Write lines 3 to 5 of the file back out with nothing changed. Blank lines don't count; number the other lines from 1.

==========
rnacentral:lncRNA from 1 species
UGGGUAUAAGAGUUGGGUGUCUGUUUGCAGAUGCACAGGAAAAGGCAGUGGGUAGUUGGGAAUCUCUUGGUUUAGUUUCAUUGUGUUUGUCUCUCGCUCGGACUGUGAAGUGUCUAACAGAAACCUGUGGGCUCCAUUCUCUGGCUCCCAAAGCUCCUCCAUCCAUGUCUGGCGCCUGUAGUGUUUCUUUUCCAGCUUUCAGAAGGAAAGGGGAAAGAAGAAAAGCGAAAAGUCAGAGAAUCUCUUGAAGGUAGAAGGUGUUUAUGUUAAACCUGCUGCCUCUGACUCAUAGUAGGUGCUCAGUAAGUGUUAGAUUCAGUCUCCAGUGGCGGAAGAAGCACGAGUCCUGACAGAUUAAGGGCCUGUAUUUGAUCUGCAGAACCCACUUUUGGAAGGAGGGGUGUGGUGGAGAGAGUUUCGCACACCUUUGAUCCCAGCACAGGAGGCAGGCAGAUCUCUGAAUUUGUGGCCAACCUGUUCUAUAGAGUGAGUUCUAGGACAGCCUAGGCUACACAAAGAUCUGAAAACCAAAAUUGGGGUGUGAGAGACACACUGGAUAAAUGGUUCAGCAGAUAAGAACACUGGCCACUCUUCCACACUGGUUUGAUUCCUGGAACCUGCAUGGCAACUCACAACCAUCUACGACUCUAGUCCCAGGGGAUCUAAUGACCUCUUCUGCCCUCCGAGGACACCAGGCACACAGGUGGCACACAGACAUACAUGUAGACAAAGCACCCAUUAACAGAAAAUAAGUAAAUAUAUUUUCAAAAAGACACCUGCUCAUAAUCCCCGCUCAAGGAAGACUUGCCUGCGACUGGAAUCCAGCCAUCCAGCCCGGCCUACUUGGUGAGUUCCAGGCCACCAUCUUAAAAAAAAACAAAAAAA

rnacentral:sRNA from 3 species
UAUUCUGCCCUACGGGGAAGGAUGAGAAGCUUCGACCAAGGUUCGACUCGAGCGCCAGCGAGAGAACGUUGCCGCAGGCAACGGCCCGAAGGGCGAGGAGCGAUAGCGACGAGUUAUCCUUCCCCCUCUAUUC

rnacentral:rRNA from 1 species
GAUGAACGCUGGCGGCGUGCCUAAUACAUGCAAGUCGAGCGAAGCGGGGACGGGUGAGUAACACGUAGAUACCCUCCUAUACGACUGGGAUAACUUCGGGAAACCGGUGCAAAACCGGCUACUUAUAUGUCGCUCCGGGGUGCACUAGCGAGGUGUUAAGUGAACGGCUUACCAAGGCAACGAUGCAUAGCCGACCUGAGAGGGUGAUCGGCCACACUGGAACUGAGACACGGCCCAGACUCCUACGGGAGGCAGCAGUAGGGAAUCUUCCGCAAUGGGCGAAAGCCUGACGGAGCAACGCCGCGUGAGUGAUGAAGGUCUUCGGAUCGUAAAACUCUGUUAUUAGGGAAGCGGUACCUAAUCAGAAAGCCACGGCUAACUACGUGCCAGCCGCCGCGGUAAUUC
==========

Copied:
rnacentral:sRNA from 3 species
UAUUCUGCCCUACGGGGAAGGAUGAGAAGCUUCGACCAAGGUUCGACUCGAGCGCCAGCGAGAGAACGUUGCCGCAGGCAACGGCCCGAAGGGCGAGGAGCGAUAGCGACGAGUUAUCCUUCCCCCUCUAUUC

rnacentral:rRNA from 1 species